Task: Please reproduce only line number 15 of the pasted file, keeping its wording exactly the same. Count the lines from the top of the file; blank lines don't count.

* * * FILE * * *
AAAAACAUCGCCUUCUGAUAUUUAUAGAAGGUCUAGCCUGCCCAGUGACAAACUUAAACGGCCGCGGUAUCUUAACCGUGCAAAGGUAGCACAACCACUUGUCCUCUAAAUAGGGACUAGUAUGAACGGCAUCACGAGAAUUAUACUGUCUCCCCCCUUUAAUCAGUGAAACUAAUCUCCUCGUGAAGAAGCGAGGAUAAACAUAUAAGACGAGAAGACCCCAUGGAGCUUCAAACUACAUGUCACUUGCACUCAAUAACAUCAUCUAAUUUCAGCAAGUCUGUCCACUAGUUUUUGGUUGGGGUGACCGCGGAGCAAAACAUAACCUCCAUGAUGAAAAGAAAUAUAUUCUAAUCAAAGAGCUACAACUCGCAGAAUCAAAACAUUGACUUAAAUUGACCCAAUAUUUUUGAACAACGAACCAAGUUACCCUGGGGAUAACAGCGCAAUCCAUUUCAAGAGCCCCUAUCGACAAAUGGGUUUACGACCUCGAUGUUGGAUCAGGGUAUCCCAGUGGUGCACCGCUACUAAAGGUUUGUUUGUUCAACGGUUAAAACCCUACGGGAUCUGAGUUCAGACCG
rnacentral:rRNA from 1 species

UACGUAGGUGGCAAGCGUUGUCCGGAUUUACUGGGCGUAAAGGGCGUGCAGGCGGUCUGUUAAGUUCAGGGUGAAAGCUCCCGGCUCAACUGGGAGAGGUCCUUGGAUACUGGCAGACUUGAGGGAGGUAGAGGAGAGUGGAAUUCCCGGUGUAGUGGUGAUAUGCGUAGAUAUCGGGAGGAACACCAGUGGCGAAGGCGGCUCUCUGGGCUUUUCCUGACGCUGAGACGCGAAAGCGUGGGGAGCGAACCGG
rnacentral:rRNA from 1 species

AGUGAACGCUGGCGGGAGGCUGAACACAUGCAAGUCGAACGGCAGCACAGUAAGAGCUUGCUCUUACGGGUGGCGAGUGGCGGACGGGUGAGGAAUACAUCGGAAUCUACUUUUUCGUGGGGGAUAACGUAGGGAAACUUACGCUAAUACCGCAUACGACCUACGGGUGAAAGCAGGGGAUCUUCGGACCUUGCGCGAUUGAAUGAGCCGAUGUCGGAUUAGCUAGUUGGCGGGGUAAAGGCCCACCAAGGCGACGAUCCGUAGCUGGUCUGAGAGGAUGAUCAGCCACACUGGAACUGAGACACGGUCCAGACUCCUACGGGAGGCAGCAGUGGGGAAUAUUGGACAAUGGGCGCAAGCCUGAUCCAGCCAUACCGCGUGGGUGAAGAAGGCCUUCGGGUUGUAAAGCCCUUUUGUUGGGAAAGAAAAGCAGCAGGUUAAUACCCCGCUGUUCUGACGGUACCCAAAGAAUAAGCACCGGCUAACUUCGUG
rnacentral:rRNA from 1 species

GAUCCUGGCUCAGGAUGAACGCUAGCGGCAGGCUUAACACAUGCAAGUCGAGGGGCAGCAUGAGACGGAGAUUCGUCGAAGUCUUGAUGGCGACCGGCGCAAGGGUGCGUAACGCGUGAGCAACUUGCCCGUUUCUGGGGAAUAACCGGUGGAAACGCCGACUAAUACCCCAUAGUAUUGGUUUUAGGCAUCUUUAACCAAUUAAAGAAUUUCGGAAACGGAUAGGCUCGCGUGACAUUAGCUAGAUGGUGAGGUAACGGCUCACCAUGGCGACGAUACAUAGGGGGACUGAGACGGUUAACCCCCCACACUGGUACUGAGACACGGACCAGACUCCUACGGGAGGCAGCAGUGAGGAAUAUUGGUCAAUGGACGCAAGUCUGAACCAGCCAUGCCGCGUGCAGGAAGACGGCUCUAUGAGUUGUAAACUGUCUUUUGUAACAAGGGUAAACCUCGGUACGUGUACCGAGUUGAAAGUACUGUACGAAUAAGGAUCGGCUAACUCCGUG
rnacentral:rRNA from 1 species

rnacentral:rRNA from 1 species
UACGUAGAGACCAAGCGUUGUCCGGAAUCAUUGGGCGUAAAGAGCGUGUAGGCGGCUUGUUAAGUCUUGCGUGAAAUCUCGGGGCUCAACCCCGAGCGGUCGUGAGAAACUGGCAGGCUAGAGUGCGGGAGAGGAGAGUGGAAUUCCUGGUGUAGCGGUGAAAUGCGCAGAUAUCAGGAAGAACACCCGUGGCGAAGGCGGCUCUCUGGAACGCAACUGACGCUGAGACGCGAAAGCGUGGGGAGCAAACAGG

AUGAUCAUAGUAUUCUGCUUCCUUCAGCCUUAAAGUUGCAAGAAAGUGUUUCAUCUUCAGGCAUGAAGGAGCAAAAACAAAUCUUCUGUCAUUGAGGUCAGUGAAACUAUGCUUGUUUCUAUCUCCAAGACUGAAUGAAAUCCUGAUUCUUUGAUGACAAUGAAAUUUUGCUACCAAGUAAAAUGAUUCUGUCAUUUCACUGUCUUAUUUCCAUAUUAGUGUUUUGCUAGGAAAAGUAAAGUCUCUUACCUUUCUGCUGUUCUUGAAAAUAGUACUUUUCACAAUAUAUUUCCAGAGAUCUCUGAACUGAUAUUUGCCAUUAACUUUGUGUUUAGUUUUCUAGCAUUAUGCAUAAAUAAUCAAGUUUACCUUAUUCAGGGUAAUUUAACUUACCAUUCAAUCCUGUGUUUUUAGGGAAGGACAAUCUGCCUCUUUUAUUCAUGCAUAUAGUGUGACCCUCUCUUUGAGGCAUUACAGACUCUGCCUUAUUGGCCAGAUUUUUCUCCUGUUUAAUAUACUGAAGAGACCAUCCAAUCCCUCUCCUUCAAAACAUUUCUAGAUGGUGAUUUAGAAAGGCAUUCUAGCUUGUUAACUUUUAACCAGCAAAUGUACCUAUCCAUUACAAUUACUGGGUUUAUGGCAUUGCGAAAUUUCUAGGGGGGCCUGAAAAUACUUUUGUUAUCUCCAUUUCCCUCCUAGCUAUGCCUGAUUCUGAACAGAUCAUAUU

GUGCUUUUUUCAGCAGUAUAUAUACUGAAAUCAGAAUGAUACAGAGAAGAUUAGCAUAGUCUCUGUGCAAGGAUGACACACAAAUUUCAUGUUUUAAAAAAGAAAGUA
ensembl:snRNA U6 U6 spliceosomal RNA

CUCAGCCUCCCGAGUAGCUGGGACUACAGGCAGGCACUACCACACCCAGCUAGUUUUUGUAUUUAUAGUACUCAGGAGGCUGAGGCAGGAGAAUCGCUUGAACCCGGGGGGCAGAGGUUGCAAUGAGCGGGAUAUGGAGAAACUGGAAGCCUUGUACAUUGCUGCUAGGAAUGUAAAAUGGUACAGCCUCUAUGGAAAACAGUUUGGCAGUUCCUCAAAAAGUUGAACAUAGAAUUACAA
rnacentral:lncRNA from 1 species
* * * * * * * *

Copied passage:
rnacentral:lncRNA from 1 species